Devin Burgess Gets ‘Alone’ EP Off His Chest

Devin Burgess / Alone
Photo by Roberto

Jumping into 2020 head-first, Devin Burgess released his 14-track Alone EP last week. The 26-minute project finds an engaging balance between Burgess’ introspective and unfiltered lyrics and his gritty self-produced beats. The tape’s flow can best be described as short bouts of transparent expression – whether it be frustration, fear or solitude.

“The project is so self-reflective,” Burgess says of the EP. “I feel like this project was for me, so I can exhale. Just get this all off my chest.”

Alone starts off strong, with lyrical notes of insecurity and resentment. Burgess masterfully juggles his introspective yet biting verses, not to be overshadowed by the tape’s hypnotic beats.

On “Freelance,” the Cincinnati MC shares financial woes that many freelancers – including myself – can identify with. “A lot of it stems from insecurity about being appreciated musically,” he says. “That, and I did a lot of freelance work last year and I need my paper! If you’re taking time to do something, you want to be compensated in some way, shape or form.”

Alone
Devin Burgess / Photo by Roberto

The EP truly takes form with “Wallet.” A project highlight, the song contains incredible duality. Despite Burgess’ vibe-creating drawl, lyrical undertones confront police brutality, with a gunshot punctuating the track’s abrupt ending.

“There’s a lot of undertones in the project. ‘Wallet’ is about me driving with weed in my car and my fear of being stopped by the police,” he explains. “I’m a black man, and an extremist, so in my mind, I’m thinking if I get pulled over by the cops, it’s a wrap. It’s about me being irresponsible, obviously, but also the fear of police brutality happening to me.”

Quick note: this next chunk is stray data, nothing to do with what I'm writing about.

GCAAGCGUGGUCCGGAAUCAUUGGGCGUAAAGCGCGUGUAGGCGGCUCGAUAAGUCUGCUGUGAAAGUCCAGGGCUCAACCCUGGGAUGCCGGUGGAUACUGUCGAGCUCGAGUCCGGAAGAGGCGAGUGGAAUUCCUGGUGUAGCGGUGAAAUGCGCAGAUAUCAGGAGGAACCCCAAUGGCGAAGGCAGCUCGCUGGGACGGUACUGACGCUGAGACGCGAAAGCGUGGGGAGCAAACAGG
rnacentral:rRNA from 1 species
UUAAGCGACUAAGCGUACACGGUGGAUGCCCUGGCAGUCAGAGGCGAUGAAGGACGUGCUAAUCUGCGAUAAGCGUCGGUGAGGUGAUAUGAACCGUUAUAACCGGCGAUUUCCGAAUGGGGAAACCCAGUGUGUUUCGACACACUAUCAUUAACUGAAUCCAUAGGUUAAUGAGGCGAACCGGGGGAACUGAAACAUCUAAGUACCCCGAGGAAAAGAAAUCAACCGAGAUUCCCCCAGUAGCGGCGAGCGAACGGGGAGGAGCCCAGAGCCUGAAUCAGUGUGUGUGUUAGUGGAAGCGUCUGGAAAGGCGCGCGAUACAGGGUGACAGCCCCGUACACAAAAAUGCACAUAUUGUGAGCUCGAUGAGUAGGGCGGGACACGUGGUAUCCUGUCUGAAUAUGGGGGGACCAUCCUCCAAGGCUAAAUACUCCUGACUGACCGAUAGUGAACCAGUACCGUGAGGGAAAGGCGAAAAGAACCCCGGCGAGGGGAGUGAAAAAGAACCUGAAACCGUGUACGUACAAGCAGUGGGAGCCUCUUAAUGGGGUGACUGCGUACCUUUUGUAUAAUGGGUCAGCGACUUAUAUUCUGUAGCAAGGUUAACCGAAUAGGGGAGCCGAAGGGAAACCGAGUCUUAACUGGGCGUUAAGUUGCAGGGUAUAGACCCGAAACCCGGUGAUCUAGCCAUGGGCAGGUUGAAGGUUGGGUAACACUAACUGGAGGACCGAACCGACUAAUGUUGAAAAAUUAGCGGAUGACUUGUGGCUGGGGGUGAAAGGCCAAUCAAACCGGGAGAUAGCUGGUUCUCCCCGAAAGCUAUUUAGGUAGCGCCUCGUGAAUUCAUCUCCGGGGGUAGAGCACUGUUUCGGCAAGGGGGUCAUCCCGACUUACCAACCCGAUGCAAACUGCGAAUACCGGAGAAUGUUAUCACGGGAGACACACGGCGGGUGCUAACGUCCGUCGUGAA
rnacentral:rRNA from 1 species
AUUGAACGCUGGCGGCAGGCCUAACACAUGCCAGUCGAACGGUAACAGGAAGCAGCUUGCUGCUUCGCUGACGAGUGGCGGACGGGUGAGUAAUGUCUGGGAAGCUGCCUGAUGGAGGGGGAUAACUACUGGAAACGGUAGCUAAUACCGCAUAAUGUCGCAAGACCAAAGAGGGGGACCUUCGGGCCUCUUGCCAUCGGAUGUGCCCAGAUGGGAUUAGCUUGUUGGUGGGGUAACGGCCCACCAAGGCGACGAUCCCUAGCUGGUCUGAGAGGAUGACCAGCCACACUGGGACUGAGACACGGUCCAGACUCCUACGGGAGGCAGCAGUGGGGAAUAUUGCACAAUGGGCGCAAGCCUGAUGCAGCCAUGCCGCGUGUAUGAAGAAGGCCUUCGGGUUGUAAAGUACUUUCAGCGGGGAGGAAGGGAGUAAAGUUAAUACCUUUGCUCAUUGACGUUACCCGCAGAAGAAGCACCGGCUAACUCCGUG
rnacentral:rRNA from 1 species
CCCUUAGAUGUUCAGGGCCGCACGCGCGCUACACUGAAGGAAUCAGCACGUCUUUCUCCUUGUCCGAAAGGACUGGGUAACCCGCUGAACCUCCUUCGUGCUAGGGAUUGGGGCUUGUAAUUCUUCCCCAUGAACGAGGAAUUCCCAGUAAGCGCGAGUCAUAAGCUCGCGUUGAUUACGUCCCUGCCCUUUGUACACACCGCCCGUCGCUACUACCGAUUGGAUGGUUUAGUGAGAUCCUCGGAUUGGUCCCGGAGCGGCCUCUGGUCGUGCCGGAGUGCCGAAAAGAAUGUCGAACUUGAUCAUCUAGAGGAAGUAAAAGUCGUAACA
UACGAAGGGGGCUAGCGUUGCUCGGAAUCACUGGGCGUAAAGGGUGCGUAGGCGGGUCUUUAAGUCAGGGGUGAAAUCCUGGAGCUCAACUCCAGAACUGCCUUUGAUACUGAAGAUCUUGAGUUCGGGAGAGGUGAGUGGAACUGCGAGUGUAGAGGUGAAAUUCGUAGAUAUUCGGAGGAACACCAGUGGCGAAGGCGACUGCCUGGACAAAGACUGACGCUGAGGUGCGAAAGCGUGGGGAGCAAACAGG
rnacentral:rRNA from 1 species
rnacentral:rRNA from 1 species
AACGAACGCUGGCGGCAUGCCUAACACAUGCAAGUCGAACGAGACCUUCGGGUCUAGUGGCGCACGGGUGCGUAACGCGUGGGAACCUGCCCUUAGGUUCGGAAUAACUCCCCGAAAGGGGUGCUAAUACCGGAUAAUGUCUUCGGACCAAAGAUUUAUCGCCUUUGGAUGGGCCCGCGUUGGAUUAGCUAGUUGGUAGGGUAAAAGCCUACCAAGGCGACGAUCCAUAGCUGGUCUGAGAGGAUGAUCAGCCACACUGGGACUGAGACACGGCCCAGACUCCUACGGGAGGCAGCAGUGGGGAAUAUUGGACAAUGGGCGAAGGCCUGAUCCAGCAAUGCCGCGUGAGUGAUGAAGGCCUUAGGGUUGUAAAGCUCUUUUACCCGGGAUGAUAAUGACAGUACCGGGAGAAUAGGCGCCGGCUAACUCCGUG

Alone was predominately recorded at home, so that Burgess could tap into his most vulnerable lyrics. “I’ve been real keen on being self-aware about when I get anxious and what makes me anxious,” he says. “A lot of times when I write [music] I learn things about myself that I didn’t know.”

The project also sees an appearance from Kei$ha, Burgess’ wig-wearing producer alter-ego. “It was a Halloween show, it was costume themed. I wasn’t gonna wear a costume, but I didn’t wanna be the only guy there without a costume, so I got a wig,” Burgess explains about how Kei$ha came to be. “A week later… I was talking with [Cincinnati artist] D-Eight about the time before we were born. I was like, ‘Yeah, my mom thought I was gonna be a girl and she was gonna name me Keisha.’ And he was like, ‘You should be Keisha.’ So I came home, put the wig on, and Kei$ha was born,” he continues. “That’s my producer alias.”

No stranger to artistic antics, the rapper explained how swapping his bathrobe for a wig helps him have fun at shows. “It’s just something goofy to do,” he says. “It’s another way to keep my name in people’s mouths and stay interesting.” Kei$ha’s production style can best be described as a “beats hoarder,” with Burgess saying she adds a little “dustiness” to the EP.

As usual, Burgess has several production jobs on the horizon. But for now, with the release of Alone, he can breathe a sigh of relief.

Stream the EP below.